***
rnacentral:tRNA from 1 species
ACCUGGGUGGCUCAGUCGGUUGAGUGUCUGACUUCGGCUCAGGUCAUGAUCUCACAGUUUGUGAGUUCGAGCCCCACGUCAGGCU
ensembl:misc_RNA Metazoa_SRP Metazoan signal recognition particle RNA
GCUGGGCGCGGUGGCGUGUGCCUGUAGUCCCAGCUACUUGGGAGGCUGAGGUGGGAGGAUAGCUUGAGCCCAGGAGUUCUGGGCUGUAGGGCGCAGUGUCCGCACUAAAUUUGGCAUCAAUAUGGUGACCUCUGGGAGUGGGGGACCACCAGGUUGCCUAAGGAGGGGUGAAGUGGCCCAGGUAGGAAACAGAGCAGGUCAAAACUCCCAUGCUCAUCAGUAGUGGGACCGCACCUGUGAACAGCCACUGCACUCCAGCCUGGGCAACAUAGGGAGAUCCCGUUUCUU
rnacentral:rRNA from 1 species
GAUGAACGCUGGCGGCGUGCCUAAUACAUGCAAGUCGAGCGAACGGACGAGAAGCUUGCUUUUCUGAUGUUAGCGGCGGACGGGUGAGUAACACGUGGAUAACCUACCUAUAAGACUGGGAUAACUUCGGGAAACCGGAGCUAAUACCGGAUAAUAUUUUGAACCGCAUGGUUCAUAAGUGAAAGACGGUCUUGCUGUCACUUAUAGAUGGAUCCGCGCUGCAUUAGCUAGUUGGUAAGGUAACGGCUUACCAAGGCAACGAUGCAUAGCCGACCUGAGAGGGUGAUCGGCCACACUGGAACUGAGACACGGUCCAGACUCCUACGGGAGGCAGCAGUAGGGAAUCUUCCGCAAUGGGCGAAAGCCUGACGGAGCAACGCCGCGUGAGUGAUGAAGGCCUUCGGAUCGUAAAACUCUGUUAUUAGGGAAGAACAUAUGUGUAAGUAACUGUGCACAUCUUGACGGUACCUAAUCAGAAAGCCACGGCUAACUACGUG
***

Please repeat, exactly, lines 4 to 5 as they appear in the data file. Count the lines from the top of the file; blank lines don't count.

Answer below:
GCUGGGCGCGGUGGCGUGUGCCUGUAGUCCCAGCUACUUGGGAGGCUGAGGUGGGAGGAUAGCUUGAGCCCAGGAGUUCUGGGCUGUAGGGCGCAGUGUCCGCACUAAAUUUGGCAUCAAUAUGGUGACCUCUGGGAGUGGGGGACCACCAGGUUGCCUAAGGAGGGGUGAAGUGGCCCAGGUAGGAAACAGAGCAGGUCAAAACUCCCAUGCUCAUCAGUAGUGGGACCGCACCUGUGAACAGCCACUGCACUCCAGCCUGGGCAACAUAGGGAGAUCCCGUUUCUU
rnacentral:rRNA from 1 species